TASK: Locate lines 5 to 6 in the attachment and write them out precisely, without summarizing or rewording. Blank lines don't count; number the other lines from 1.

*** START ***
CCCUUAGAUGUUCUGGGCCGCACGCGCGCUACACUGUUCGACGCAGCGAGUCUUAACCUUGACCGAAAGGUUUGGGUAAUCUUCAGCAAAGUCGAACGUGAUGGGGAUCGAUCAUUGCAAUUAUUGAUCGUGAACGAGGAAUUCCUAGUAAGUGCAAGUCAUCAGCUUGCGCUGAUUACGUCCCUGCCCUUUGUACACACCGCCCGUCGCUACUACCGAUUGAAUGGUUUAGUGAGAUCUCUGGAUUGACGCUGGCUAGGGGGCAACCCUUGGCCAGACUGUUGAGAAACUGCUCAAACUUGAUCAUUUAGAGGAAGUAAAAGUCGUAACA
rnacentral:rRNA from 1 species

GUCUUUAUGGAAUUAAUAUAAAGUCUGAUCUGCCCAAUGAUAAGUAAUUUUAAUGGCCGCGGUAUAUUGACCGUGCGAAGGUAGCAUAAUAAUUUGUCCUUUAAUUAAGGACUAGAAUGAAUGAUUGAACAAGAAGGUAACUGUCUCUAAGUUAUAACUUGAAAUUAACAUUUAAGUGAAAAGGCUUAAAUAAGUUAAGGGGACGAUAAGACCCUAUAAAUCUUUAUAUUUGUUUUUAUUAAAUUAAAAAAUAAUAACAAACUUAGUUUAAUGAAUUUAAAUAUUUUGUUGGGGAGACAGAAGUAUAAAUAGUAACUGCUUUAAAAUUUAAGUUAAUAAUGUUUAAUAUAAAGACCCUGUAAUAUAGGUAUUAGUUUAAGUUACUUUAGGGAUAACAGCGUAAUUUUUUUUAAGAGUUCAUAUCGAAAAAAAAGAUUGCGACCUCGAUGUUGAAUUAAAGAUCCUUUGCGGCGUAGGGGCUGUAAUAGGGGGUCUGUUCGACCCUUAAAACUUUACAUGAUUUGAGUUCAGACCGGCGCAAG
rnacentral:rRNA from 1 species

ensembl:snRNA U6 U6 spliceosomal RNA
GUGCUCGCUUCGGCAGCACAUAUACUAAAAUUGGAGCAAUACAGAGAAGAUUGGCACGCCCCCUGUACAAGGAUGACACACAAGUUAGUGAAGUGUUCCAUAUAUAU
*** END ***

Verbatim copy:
ensembl:snRNA U6 U6 spliceosomal RNA
GUGCUCGCUUCGGCAGCACAUAUACUAAAAUUGGAGCAAUACAGAGAAGAUUGGCACGCCCCCUGUACAAGGAUGACACACAAGUUAGUGAAGUGUUCCAUAUAUAU